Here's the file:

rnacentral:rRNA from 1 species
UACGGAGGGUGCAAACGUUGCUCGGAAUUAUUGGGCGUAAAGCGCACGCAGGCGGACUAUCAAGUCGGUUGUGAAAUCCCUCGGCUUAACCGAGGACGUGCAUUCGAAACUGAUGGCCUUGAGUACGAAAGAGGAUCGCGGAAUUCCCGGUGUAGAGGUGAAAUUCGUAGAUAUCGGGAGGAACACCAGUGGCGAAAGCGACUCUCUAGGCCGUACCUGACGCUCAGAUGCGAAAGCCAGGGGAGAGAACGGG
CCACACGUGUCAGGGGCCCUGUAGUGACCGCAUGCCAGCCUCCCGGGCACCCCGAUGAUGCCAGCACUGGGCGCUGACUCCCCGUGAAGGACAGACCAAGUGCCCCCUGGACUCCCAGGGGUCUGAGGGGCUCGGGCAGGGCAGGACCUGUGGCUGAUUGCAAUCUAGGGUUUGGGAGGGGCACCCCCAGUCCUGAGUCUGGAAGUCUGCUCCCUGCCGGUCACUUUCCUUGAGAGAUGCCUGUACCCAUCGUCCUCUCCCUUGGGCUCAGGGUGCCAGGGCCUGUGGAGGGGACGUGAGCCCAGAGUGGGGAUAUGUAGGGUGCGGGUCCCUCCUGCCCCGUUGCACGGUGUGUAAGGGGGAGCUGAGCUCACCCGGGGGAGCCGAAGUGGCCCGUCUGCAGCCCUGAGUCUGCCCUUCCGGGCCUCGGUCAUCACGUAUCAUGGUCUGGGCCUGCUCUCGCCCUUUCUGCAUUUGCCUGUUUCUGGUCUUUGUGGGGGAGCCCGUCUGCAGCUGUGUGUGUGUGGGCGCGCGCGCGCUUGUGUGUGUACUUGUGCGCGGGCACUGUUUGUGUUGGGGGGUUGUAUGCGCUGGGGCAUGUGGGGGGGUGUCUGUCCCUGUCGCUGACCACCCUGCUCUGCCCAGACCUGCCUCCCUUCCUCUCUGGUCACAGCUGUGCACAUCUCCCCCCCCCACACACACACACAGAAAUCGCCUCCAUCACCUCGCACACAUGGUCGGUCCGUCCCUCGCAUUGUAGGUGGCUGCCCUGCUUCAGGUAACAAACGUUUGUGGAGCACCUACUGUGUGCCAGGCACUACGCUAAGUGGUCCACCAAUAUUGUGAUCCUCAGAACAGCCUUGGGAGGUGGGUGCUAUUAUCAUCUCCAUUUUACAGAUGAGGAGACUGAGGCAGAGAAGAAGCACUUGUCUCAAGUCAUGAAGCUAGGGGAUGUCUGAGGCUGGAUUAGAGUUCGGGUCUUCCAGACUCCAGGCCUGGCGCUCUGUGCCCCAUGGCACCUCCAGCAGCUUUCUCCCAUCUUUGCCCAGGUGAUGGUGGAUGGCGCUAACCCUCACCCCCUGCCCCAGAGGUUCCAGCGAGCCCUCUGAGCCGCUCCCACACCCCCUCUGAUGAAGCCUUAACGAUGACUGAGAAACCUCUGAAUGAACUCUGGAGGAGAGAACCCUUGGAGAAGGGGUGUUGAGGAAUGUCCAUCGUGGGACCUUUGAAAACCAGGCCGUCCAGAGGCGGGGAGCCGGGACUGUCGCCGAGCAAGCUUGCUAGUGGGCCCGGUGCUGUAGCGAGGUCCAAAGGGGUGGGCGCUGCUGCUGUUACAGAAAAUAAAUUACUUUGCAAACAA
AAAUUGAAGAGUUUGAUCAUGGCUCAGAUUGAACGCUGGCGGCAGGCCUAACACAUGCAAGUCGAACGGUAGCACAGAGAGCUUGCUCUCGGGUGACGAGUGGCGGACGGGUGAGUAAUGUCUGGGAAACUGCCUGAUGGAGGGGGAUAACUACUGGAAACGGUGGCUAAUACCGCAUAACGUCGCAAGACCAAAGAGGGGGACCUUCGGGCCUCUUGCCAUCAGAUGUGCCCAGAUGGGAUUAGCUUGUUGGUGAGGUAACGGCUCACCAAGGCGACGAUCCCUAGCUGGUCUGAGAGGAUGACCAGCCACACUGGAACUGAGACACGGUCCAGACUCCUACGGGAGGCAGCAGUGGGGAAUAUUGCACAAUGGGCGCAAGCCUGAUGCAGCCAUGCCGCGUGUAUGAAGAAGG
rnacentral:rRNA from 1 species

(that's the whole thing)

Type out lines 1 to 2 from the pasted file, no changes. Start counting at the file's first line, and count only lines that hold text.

rnacentral:rRNA from 1 species
UACGGAGGGUGCAAACGUUGCUCGGAAUUAUUGGGCGUAAAGCGCACGCAGGCGGACUAUCAAGUCGGUUGUGAAAUCCCUCGGCUUAACCGAGGACGUGCAUUCGAAACUGAUGGCCUUGAGUACGAAAGAGGAUCGCGGAAUUCCCGGUGUAGAGGUGAAAUUCGUAGAUAUCGGGAGGAACACCAGUGGCGAAAGCGACUCUCUAGGCCGUACCUGACGCUCAGAUGCGAAAGCCAGGGGAGAGAACGGG